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CSM softball has talent, but is very young
January 27, 2014, 05:00 AM By Julio Lara Daily Journal

When is going 72-8 over the last two seasons a bad thing?

Well, when you are the College of San Mateo softball team and you have those who follow your program expecting that sort of success to endure or pour over to, at the very least, the 2014 season.

So, as the Bulldogs prepare for a new year of softball, rule No. 1 is to remember that last season was last season — and while the players are different, the message is never going to change: CSM expects to play well and contend just like they always have.

“When you go 72-8 in two seasons, it’s hard to match,” said CSM head coach Nicole Borg. “I don’t care who you are or what program you’re a part of — it’s amazing. So, yes, we have been spoiled.

“The freshmen class is enormous. It’s exciting. We have kids from a lot of different places this year. It’s just going to a young year. I think we’re going to make some mistakes — and that’s OK. We’re going to keep getting better as we have throughout the fall. And it’s not really a matter of where you start but where you finish. I think this team has a lot of potential to get to that level.”

Here’s the bad news: Of that stellar team that dominated two regular seasons and made it to the state Final Four last year, only three players are returning starters — and only a total of five have Bulldog experience. As is the case with most community college programs, the time has come to once again rebuild and hope that the handful of sophomores that do return serve as the proper foundation for a successful season.

The good news is, if you had your pick of returning starters, the two you’d want are back in uniform this season. For CSM, Natalie Saucedo (Burlingame) and Talisa Faime (Terra Nova) are those players. While Borg has never been one to disclose early lineup looks, it’s highly likely that they will anchor the 3-4 holes in the lineup and command an always-strong infield defense.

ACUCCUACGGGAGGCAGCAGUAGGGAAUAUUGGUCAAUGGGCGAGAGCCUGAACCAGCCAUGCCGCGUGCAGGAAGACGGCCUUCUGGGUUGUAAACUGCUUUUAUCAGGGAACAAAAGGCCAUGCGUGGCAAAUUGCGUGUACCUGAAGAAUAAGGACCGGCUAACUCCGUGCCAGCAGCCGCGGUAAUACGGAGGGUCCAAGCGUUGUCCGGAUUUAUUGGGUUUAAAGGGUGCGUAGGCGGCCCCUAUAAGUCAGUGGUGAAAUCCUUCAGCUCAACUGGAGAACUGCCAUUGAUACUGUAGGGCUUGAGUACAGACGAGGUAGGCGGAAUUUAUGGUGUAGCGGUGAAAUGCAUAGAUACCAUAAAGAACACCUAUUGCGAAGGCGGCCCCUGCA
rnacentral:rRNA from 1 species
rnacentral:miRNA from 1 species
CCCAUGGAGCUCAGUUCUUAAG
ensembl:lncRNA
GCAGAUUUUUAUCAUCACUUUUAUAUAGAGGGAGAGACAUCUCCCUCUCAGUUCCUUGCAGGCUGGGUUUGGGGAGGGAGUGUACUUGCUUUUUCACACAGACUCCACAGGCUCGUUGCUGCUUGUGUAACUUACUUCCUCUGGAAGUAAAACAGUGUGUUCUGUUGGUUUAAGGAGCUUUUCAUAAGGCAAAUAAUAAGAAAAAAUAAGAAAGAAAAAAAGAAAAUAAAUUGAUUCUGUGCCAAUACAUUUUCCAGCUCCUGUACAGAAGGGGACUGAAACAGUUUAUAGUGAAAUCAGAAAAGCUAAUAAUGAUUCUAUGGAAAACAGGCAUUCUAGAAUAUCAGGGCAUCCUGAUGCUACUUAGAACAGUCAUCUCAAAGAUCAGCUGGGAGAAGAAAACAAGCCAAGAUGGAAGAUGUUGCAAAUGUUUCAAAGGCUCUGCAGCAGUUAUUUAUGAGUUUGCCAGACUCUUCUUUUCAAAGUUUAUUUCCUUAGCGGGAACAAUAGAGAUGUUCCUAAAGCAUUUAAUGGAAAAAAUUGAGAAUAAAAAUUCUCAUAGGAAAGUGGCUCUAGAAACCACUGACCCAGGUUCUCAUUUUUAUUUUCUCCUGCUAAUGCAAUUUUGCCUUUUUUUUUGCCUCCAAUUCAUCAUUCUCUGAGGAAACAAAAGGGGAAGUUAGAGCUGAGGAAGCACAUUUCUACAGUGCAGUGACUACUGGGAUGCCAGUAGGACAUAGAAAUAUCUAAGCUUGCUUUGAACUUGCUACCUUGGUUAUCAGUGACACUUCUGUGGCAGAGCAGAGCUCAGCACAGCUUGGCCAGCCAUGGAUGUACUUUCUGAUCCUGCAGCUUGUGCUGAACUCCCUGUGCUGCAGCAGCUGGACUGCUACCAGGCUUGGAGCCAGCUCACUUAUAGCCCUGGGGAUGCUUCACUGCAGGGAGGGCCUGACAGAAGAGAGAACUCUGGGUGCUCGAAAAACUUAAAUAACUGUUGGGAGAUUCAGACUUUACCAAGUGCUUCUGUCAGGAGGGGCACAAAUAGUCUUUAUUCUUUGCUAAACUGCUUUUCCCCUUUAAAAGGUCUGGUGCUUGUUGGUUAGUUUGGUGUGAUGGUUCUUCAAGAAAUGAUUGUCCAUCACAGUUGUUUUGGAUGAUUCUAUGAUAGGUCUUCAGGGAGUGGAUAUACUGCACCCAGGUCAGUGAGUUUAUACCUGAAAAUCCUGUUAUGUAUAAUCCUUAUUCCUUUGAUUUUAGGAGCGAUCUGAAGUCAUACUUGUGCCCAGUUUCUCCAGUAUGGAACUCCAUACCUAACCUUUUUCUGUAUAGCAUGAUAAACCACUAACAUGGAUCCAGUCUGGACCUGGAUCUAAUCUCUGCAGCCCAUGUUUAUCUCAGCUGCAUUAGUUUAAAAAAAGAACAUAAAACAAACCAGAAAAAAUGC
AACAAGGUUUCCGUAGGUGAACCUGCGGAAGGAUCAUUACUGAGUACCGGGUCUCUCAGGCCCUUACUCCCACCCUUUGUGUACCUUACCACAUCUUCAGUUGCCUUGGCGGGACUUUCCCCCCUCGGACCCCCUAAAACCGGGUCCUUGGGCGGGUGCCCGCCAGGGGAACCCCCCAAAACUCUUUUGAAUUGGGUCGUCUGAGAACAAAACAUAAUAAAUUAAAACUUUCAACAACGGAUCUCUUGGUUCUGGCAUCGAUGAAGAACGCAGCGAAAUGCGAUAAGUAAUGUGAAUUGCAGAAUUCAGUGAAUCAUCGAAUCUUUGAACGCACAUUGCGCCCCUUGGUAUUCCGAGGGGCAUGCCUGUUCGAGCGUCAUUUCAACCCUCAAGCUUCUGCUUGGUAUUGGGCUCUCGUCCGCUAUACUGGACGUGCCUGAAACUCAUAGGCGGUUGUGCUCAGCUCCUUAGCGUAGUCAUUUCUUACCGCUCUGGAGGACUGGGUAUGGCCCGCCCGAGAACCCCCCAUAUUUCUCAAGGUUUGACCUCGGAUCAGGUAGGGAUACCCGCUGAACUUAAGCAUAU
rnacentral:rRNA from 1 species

“Talisa and Natalie last year were phenomenal for us,” Borg said. “Clutch hitting, clutch situations. Talisa came through on a number of occasions — Super Regionals being one of them. Hitting 10 homeruns for us as a freshman was unbelievable. And Nat played any role we needed her to play. Her stick was always consistent — whether we needed her in the outfield or first base, she was willing to do whatever we needed her to do. So, having those players do what they do on a consistent basis is huge. They’re going to be difference-makers this year. And they know that.”

“There is no pressure, but you have to go out and play the role that you play,” Saucedo said. “You can’t think about last year. We had a bunch of success and that was awesome. But you have to focus on this year and I think we’re going to do pretty well.”

Admittedly, the rest of the team involves some guessing and hoping — mainly that the new Bulldogs can adjust to this new speed of softball. Something that is a little clearer is that former Woodside Wildcat Ashley Miller will need to have a monster year in the circle for CSM. Miller is on her second year of eligibility after sitting out last year as a red shirt. Now, the big bulk of the responsibility falls on the lefty. Borg said Miller is ready.